The second half begins with a severely depressed Justine staying with her sister Claire at her enormous mansion. Justine can barely move and finds even the simplest everyday functions impossible - she can’t even raise her legs to get in the bath. Obviously distraught, Claire does her best to raise Justine’s spirits. In one scene she cooks her sister her favourite dish - meatloaf. At first Justine seems to enjoy it but then she begins sobbing, saying that the meal tastes like ashes.

Her marriage in ruins and her life a complete mess, it seems like Justine has already experienced her own private apocalypse. It’s only when a much bigger disaster begins to loom that she rouses from her slumber and returns to something like herself. When she’s already lost everything, what is there to fear?

Indeed, it seems that Justine openly welcomes the end of life on Earth. Like she’s suddenly become Werner Herzog or something, she proclaims that all life on Earth is evil and it deserves to die. And then when Melancholia does its fly-by of Earth, she welcomes it like a siren - in the un-Earthly glow of the rogue planet, she bathes nude in the river. Perhaps Melancholia is a welcome release from her terrestrial problems.

Claire’s husband John doesn’t believe that Melancholia presents any danger. He and his son watch the planet get closer and the fly-by is a cause for celebration. His son even invents a contraption that helps track the rogue planet. With a stick and a loop of wire, he’s able to see if Melancholia is getting smaller or bigger. As predicted, after the fly-by, Melancholia begins to move away. It seems like everyone is safe.

In the morning, though, there’s an eerie quiet. Claire goes to the stables and sees that the horses are completely still and calm. She then finds her husband’s body - he’s killed himself with an overdose. Claire rushes back to the terrace of her mansion, picks up her son’s invention and sees that Melancholia has come back and is closer to the Earth than it was before.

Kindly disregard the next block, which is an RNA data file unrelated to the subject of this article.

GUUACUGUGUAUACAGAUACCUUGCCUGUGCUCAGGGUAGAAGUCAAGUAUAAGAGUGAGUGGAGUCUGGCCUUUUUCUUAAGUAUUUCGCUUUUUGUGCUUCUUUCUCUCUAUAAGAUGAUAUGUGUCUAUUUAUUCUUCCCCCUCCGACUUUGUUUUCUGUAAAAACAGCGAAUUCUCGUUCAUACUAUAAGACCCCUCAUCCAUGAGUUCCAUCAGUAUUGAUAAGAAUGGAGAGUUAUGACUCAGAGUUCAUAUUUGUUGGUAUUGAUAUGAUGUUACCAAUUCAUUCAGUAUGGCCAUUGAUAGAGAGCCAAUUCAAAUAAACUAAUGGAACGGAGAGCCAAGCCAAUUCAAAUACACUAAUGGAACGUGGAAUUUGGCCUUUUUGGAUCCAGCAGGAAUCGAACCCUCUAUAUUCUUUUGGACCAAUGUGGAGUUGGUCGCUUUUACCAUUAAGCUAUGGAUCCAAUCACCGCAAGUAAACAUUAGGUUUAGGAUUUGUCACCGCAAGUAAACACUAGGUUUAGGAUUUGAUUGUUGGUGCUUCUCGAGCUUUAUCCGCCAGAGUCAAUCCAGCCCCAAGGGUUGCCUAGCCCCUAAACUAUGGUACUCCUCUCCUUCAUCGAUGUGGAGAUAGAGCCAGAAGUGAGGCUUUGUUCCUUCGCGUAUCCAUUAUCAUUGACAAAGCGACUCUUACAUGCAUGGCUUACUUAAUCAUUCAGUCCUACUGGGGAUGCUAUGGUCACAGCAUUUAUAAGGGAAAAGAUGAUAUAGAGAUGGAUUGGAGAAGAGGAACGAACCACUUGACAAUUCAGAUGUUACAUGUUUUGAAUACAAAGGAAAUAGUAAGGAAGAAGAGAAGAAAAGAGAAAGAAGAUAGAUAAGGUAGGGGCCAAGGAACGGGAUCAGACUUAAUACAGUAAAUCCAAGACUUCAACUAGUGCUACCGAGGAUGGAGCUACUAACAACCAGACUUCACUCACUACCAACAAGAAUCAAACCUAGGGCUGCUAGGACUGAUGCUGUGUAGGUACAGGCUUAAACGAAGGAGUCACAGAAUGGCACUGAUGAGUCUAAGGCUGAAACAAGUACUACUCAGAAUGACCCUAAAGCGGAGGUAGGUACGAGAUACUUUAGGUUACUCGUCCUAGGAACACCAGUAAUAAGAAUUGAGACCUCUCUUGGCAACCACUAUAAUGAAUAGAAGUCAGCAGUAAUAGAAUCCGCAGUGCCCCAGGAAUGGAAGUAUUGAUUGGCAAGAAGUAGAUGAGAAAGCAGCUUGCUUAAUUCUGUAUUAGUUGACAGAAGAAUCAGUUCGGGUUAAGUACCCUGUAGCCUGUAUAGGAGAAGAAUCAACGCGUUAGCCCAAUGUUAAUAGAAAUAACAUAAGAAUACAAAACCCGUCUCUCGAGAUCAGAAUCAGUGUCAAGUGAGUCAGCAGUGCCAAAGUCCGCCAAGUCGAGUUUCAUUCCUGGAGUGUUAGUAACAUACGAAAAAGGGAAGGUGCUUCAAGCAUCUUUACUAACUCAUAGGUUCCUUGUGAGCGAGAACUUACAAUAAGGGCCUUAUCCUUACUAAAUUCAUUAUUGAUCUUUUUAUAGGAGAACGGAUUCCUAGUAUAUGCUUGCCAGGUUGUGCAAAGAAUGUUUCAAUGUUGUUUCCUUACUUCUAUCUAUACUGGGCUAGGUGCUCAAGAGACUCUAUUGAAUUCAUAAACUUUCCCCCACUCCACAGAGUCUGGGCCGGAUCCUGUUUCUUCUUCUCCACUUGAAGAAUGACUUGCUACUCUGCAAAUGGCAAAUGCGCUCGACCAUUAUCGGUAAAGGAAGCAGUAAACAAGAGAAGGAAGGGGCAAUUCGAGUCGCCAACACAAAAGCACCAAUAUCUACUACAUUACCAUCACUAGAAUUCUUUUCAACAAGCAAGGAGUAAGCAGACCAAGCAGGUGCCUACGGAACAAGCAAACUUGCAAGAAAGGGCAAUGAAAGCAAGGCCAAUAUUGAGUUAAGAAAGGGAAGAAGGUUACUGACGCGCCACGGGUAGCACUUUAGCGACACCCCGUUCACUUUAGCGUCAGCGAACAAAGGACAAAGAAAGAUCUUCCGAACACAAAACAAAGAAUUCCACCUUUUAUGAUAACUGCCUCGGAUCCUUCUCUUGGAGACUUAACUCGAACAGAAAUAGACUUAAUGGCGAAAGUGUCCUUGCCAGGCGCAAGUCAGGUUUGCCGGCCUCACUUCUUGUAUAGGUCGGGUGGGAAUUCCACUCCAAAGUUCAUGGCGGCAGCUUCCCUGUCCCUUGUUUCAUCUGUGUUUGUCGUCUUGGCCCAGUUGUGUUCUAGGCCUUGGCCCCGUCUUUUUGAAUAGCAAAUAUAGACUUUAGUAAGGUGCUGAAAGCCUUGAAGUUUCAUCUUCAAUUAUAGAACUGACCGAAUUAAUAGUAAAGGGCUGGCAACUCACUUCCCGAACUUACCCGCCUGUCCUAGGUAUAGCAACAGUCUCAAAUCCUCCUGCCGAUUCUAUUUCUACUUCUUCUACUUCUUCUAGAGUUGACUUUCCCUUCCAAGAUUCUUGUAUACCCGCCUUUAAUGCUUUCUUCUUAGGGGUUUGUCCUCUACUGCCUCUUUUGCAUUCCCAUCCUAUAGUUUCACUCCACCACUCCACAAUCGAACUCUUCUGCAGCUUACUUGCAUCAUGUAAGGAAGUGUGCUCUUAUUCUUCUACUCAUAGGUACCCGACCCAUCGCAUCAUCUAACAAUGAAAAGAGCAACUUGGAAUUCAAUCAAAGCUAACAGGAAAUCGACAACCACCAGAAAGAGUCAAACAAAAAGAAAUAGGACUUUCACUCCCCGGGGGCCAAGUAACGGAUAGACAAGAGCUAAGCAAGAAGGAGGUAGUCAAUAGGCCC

Claire’s reaction to the impending disaster is sheer panic. She has a son, a good home and a comfortable life, and she doesn’t want to lose these things. Justine on the other hand is icily calm. She even mocks Claire’s idea of having a farewell party with drink and music - the end of the world is imminent and you want to have wine and music; how bourgeois!

Justine realises that hysteria won’t accomplish anything and makes sure that her nephew experiences the least amount of trauma possible. She says that she’s going to make him a magic cave out of sticks and that it’ll protect them. After so much selfishness and self-absorption, she finally achieves a state of grace with this act of decency and kindness.

It’s quite amazing how tense the final half of the film is, especially as we already know the ending - the prologue gives it away. The spectre of death looms over everyone and the inevitability of their demise is crushing. We get to see all of their hopes dashed, we get to see them panic and struggle and flail around like insects avoiding a boot that wants to stomp them - it’s a psychologically stressful film, especially if you have a family; you’ll do anything to protect them but what if you’re completely powerless?

It’s also a fantastic decision to have such a small focus. At one point I wondered how the rest of the world was reacting, but what does it matter? We’ve already seen mass hysteria in disaster films - it’s never particularly interesting. But here we get to see a small group of people dissolve right before our eyes. They’re literally crushed by forces beyond their control, which reminds us of how precarious our own lives are. We have far less control than we think.

The only thing that keeps this film from greatness is the abysmal first half. von Trier doesn’t have to pander to his audience but some measure of likeability in his characters would have given it a bigger jolt at the end. Or not even likeability - I just need a better understanding of the characters and their actions. A better actor than Dunst would have been welcome too. Although I do have to say that she improves greatly in the second half.

But you can’t help but feel that von Trier is happy that these people are being destroyed. This is great if you’re into schadenfreude, but not so great if you want a deeper emotional resonance.